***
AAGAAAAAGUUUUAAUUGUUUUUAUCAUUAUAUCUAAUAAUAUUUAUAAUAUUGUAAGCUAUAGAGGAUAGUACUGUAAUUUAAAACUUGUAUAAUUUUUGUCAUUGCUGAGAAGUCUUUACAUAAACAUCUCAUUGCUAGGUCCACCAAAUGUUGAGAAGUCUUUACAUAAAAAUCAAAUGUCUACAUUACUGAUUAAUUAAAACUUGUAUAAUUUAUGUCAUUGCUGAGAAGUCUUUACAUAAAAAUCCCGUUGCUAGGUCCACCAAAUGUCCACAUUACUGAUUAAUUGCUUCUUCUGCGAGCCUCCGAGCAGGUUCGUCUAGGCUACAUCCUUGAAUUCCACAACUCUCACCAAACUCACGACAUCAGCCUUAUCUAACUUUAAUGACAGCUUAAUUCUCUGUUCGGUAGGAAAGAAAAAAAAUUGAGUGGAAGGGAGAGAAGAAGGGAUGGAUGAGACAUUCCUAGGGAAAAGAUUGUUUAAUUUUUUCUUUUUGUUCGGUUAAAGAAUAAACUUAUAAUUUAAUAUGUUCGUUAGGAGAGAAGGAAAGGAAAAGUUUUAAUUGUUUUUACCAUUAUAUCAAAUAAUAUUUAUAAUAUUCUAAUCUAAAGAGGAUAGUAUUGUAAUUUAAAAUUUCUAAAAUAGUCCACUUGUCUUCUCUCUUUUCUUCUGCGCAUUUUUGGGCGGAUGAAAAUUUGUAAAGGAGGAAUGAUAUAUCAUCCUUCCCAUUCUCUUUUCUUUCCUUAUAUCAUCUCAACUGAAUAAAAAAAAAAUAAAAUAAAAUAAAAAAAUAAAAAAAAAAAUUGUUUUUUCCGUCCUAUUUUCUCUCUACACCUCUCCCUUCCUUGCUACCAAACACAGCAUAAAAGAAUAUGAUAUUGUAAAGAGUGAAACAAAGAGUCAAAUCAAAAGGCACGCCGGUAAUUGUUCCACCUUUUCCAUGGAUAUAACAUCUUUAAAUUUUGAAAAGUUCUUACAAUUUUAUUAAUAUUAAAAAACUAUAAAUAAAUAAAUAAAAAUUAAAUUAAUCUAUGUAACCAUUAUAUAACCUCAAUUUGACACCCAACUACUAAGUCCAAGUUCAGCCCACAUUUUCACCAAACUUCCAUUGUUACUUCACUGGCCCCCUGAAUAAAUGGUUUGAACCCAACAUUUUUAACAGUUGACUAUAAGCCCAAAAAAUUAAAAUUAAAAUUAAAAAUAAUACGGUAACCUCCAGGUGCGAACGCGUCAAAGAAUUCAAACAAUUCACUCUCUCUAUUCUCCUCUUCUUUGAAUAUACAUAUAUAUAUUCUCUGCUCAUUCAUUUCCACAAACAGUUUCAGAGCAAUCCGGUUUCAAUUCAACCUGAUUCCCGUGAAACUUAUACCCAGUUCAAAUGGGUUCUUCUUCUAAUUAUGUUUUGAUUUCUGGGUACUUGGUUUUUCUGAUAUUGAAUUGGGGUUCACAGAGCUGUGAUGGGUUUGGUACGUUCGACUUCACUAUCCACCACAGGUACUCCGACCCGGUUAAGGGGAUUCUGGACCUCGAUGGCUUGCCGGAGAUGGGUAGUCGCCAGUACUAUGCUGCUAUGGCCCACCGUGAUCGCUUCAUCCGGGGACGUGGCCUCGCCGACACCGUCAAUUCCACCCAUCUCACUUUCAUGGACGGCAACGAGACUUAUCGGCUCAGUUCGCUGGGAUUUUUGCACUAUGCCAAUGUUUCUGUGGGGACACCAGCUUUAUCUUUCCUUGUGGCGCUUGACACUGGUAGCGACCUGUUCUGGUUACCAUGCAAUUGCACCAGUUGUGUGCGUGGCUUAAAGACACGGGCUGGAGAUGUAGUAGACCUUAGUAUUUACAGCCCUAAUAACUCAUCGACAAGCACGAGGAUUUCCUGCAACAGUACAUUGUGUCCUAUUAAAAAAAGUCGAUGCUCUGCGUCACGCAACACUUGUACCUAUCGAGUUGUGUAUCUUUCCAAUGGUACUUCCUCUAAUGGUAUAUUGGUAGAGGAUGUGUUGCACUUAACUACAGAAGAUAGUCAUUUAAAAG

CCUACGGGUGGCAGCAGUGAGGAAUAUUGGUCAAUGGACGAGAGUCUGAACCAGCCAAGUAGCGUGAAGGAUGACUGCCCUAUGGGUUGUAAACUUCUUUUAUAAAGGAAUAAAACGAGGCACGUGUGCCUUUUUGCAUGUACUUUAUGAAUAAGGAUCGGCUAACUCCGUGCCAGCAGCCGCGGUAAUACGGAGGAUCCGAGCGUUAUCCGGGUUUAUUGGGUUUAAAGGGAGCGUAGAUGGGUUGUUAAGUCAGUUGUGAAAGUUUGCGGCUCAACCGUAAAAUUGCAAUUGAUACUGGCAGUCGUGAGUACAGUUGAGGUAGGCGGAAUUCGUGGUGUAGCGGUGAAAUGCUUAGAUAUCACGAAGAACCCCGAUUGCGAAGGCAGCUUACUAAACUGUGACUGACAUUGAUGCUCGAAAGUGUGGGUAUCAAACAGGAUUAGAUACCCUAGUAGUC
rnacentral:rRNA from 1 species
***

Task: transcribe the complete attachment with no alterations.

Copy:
AAGAAAAAGUUUUAAUUGUUUUUAUCAUUAUAUCUAAUAAUAUUUAUAAUAUUGUAAGCUAUAGAGGAUAGUACUGUAAUUUAAAACUUGUAUAAUUUUUGUCAUUGCUGAGAAGUCUUUACAUAAACAUCUCAUUGCUAGGUCCACCAAAUGUUGAGAAGUCUUUACAUAAAAAUCAAAUGUCUACAUUACUGAUUAAUUAAAACUUGUAUAAUUUAUGUCAUUGCUGAGAAGUCUUUACAUAAAAAUCCCGUUGCUAGGUCCACCAAAUGUCCACAUUACUGAUUAAUUGCUUCUUCUGCGAGCCUCCGAGCAGGUUCGUCUAGGCUACAUCCUUGAAUUCCACAACUCUCACCAAACUCACGACAUCAGCCUUAUCUAACUUUAAUGACAGCUUAAUUCUCUGUUCGGUAGGAAAGAAAAAAAAUUGAGUGGAAGGGAGAGAAGAAGGGAUGGAUGAGACAUUCCUAGGGAAAAGAUUGUUUAAUUUUUUCUUUUUGUUCGGUUAAAGAAUAAACUUAUAAUUUAAUAUGUUCGUUAGGAGAGAAGGAAAGGAAAAGUUUUAAUUGUUUUUACCAUUAUAUCAAAUAAUAUUUAUAAUAUUCUAAUCUAAAGAGGAUAGUAUUGUAAUUUAAAAUUUCUAAAAUAGUCCACUUGUCUUCUCUCUUUUCUUCUGCGCAUUUUUGGGCGGAUGAAAAUUUGUAAAGGAGGAAUGAUAUAUCAUCCUUCCCAUUCUCUUUUCUUUCCUUAUAUCAUCUCAACUGAAUAAAAAAAAAAUAAAAUAAAAUAAAAAAAUAAAAAAAAAAAUUGUUUUUUCCGUCCUAUUUUCUCUCUACACCUCUCCCUUCCUUGCUACCAAACACAGCAUAAAAGAAUAUGAUAUUGUAAAGAGUGAAACAAAGAGUCAAAUCAAAAGGCACGCCGGUAAUUGUUCCACCUUUUCCAUGGAUAUAACAUCUUUAAAUUUUGAAAAGUUCUUACAAUUUUAUUAAUAUUAAAAAACUAUAAAUAAAUAAAUAAAAAUUAAAUUAAUCUAUGUAACCAUUAUAUAACCUCAAUUUGACACCCAACUACUAAGUCCAAGUUCAGCCCACAUUUUCACCAAACUUCCAUUGUUACUUCACUGGCCCCCUGAAUAAAUGGUUUGAACCCAACAUUUUUAACAGUUGACUAUAAGCCCAAAAAAUUAAAAUUAAAAUUAAAAAUAAUACGGUAACCUCCAGGUGCGAACGCGUCAAAGAAUUCAAACAAUUCACUCUCUCUAUUCUCCUCUUCUUUGAAUAUACAUAUAUAUAUUCUCUGCUCAUUCAUUUCCACAAACAGUUUCAGAGCAAUCCGGUUUCAAUUCAACCUGAUUCCCGUGAAACUUAUACCCAGUUCAAAUGGGUUCUUCUUCUAAUUAUGUUUUGAUUUCUGGGUACUUGGUUUUUCUGAUAUUGAAUUGGGGUUCACAGAGCUGUGAUGGGUUUGGUACGUUCGACUUCACUAUCCACCACAGGUACUCCGACCCGGUUAAGGGGAUUCUGGACCUCGAUGGCUUGCCGGAGAUGGGUAGUCGCCAGUACUAUGCUGCUAUGGCCCACCGUGAUCGCUUCAUCCGGGGACGUGGCCUCGCCGACACCGUCAAUUCCACCCAUCUCACUUUCAUGGACGGCAACGAGACUUAUCGGCUCAGUUCGCUGGGAUUUUUGCACUAUGCCAAUGUUUCUGUGGGGACACCAGCUUUAUCUUUCCUUGUGGCGCUUGACACUGGUAGCGACCUGUUCUGGUUACCAUGCAAUUGCACCAGUUGUGUGCGUGGCUUAAAGACACGGGCUGGAGAUGUAGUAGACCUUAGUAUUUACAGCCCUAAUAACUCAUCGACAAGCACGAGGAUUUCCUGCAACAGUACAUUGUGUCCUAUUAAAAAAAGUCGAUGCUCUGCGUCACGCAACACUUGUACCUAUCGAGUUGUGUAUCUUUCCAAUGGUACUUCCUCUAAUGGUAUAUUGGUAGAGGAUGUGUUGCACUUAACUACAGAAGAUAGUCAUUUAAAAG

CCUACGGGUGGCAGCAGUGAGGAAUAUUGGUCAAUGGACGAGAGUCUGAACCAGCCAAGUAGCGUGAAGGAUGACUGCCCUAUGGGUUGUAAACUUCUUUUAUAAAGGAAUAAAACGAGGCACGUGUGCCUUUUUGCAUGUACUUUAUGAAUAAGGAUCGGCUAACUCCGUGCCAGCAGCCGCGGUAAUACGGAGGAUCCGAGCGUUAUCCGGGUUUAUUGGGUUUAAAGGGAGCGUAGAUGGGUUGUUAAGUCAGUUGUGAAAGUUUGCGGCUCAACCGUAAAAUUGCAAUUGAUACUGGCAGUCGUGAGUACAGUUGAGGUAGGCGGAAUUCGUGGUGUAGCGGUGAAAUGCUUAGAUAUCACGAAGAACCCCGAUUGCGAAGGCAGCUUACUAAACUGUGACUGACAUUGAUGCUCGAAAGUGUGGGUAUCAAACAGGAUUAGAUACCCUAGUAGUC
rnacentral:rRNA from 1 species